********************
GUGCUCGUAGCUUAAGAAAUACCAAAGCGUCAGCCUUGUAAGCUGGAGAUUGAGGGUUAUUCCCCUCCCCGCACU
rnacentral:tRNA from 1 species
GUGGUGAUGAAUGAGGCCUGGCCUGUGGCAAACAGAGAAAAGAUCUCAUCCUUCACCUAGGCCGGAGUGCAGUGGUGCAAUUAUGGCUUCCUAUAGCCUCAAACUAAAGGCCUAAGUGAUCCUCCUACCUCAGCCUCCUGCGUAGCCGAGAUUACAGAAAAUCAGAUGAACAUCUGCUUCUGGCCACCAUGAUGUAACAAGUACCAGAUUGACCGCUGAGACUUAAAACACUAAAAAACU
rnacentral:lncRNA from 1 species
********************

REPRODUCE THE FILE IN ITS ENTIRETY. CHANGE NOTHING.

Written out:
GUGCUCGUAGCUUAAGAAAUACCAAAGCGUCAGCCUUGUAAGCUGGAGAUUGAGGGUUAUUCCCCUCCCCGCACU
rnacentral:tRNA from 1 species
GUGGUGAUGAAUGAGGCCUGGCCUGUGGCAAACAGAGAAAAGAUCUCAUCCUUCACCUAGGCCGGAGUGCAGUGGUGCAAUUAUGGCUUCCUAUAGCCUCAAACUAAAGGCCUAAGUGAUCCUCCUACCUCAGCCUCCUGCGUAGCCGAGAUUACAGAAAAUCAGAUGAACAUCUGCUUCUGGCCACCAUGAUGUAACAAGUACCAGAUUGACCGCUGAGACUUAAAACACUAAAAAACU
rnacentral:lncRNA from 1 species